The Hollywood Reporter
Tina Fey is a hilarious comedienne, an actress, a screenplay writer and an author, but more than anything, she's a mom.
The nine-time Emmy Award winner is being honored with The Hollywood Reporter's Sherry Lansing Leadership Award and chats with David Letterman for the publication, discussing what it means to be a woman in this "increasingly ugly world," how she's on "that kid grind" and the support she gets from her friends in Hollywood.
One of Fey's biggest concerns at the moment is her daughters, Alice, 11, and Penelope, 5, growing up in a society centered around the internet.
"The thing I worry about [more] than actual human interaction is the internet," she told Letterman. "Because that's just despicable: people just being able to be awful to each other without having to be in the same room…It's so easy for people to abuse each other and to abandon all civility."
However, when it comes to her two daughters, she believes they've been given the tools they need to overcome such obstacles.
When Letterman asks if the comedienne fears how her daughters will be treated in the future, especially in a "world is full of jerky men," Fey remains confident.
"I worry, [but] I have confidence that they are both strong enough to fight back," she said. "And I think they will feel empowered to call attention to any wrongdoing in their lives."
One way the actress, 46, stays empowered is through her tight-knit group of girlfriends—mostly from her days on Saturday Night Live!—with whom she participates in daily group therapy-like sessions.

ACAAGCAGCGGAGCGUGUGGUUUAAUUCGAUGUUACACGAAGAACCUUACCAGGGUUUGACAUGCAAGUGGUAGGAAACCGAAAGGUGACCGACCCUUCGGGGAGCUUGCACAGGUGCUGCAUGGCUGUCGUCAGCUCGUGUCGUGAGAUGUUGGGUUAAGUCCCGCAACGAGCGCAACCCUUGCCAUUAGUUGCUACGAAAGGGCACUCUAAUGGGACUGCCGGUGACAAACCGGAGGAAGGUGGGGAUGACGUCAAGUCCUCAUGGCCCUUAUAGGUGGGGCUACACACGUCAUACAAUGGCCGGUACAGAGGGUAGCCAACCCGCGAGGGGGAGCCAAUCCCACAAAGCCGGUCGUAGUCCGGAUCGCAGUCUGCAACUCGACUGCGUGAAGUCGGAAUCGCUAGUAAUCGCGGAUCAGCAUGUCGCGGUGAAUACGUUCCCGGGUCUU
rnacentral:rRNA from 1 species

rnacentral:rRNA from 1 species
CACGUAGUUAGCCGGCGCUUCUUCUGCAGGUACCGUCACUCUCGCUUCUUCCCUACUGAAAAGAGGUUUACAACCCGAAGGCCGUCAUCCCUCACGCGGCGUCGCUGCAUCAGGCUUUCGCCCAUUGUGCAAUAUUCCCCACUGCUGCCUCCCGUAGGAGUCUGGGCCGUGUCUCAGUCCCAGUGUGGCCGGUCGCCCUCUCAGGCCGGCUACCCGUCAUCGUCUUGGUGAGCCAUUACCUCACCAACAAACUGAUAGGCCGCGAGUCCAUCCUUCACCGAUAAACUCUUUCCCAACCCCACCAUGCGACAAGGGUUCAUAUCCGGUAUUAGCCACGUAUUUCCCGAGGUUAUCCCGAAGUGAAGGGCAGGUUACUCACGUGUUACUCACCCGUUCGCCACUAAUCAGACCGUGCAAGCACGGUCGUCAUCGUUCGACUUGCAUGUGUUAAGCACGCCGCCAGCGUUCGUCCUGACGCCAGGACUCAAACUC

"I have a group of women that I worked with at SNL—Maya Rudolph, Emily Spivey, Paula Pell, Amy Poehler, Ana Gasteyer, Rachel Dratch—and we talk as a group through the computer every single day," she revealed. "Dozens of times a day. And it's very nice. It's something we've come to in our 40s. It was easy when we worked at SNL: You're on top of each other 60 hours a week. So it's nice that we are maintaining this friendship."
Speaking of SNL, Fey divulges that two of her all-time favorite cast members are Will Ferrell and Rudolph.
"[Ferrell is] one of the best that ever lived, and coming from a really specific place, never mean-spirited, just a very warm place," she said. "And in terms of someone who could have been made in a lab to do that show, there's nobody better than Maya Rudolph. She can take things that aren't funny and make them funny."
However, while many would argue that Fey, herself, is one of the best that ever lived, she doesn't necessarily agree...especially when it comes to the moments she's felt she "bombed."
"I find any little thing I do, if it doesn't go well, I just carry that bomb juice on me for days," she admitted. "I had to do something the other night at a charity thing, and I was promised I didn't have to write any jokes, and every year I forget that when I introduce the band, it takes them two-and-a-half minutes to bring the banjos out and stuff. And so it was like, "I'm here. I have nothing." And I'm dying...And then for three days, I was in a bad mood because I bombed."